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Hot Reads: College Football Playoff Expansion

January 5, 2017
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Let's pretend for a moment that the College Football Playoff was massive. In fact, let's give all 128 FBS teams a shot at making it to the final game. That could be interesting, right? Well, the fine folks over at BCF Toys created a fun infographic that shows how Alabama and Clemson would reach that final game from a pool of all 128 teams.

It's a bit mesmerizing to look at and also a bit nostalgic. As you filter through, you'll remember that Ohio State and Oklahoma did play back in September and the Buckeyes won 45-24. To get to that matchup according to the infographic, Ohio State had to beat Wisconsin and Oklahoma had to beat Oklahoma State. From there, the Buckeyes would win, face Clemson and ultimately be eliminated.

As for Nebraska, the Huskers don't make it too far in the group. While Nebraska gets the nod over Fresno State (which the Huskers won 43-10), the next matchup would be Iowa and that's where things end. For what it's worth, the Hawkeyes then get knocked out by Florida (which is a matchup that just took place in the Outback Bowl where Iowa lost 30-3).

The whole infographic is interesting because of the connections it's able to make throughout all 128 FBS teams. You keep thinking there can't possibly be a scenario where all these schools are connected enough to get Clemson and Alabama to the title game, but there is. That's pretty amazing.

As for College Football Playoff expansion itself, that's really a completely different topic. CBS Sports did ask 40 playoff participants for their thoughts though. Long story short? Most are fine with the playoff system as it is now but about 40 percent would be open to a change of some sort. Those changes were limited to the return to two teams and the growth to six and eight teams.

Too bad no one asked about an 128 team playoff possibility though. That would have certainly received a few interesting replies.

The Financial Woes of College Football


Bloomberg is doing a weeklong feature on the state of finances surrounding college football and it's worth bookmarking. The first piece looked specifically at the impact of dwindling attendance numbers and how it will eventually affect donations and more down the line.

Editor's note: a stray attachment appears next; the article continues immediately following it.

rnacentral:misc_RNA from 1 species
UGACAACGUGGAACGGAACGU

As for the second piece, it tackles the debt that many top college football teams now face. What's wild is that the University of California, Berkeley is nearly $445 million dollars in debt. Joining Cal in the top ten of significant debt are Texas A&M, Washington, Illinois, Georgia Tech, Texas, Oregon, Michigan, Minnesota  and LSU.

About those three Big Ten teams in debt? Needless to say that there is going to be a lot of pressure on that media deal to generate some major revenue. Per Bloomberg:

In the Big Ten, also flush from a rich media deal, the University of Illinois owes more than $260 million. If that revenue stream fails to grow or starts to drop, as it already has for some programs in the top tier of college football, the results could be crippling.

It will be interesting to see how this all plays out in time.

The Grab Bag


>> SB Nation shared the 2016 Nebraska advanced statistical profile. If you have a little of time to look through it, it's pretty interesting. Worth noting? Nebraska's four losses were to the best teams it played, so at least there's that.

>> Want to attend the college football national championship game? It'll run you about $3,300 right now and that's per ticket.

>> Look out, college football world. Chip Kelly might be coming back.

>> The YSU Penguins are off to the championship game and they received a big ol' sendoff.

Today's Song of the Day



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Hot Reads: College Football Playoff Expansion

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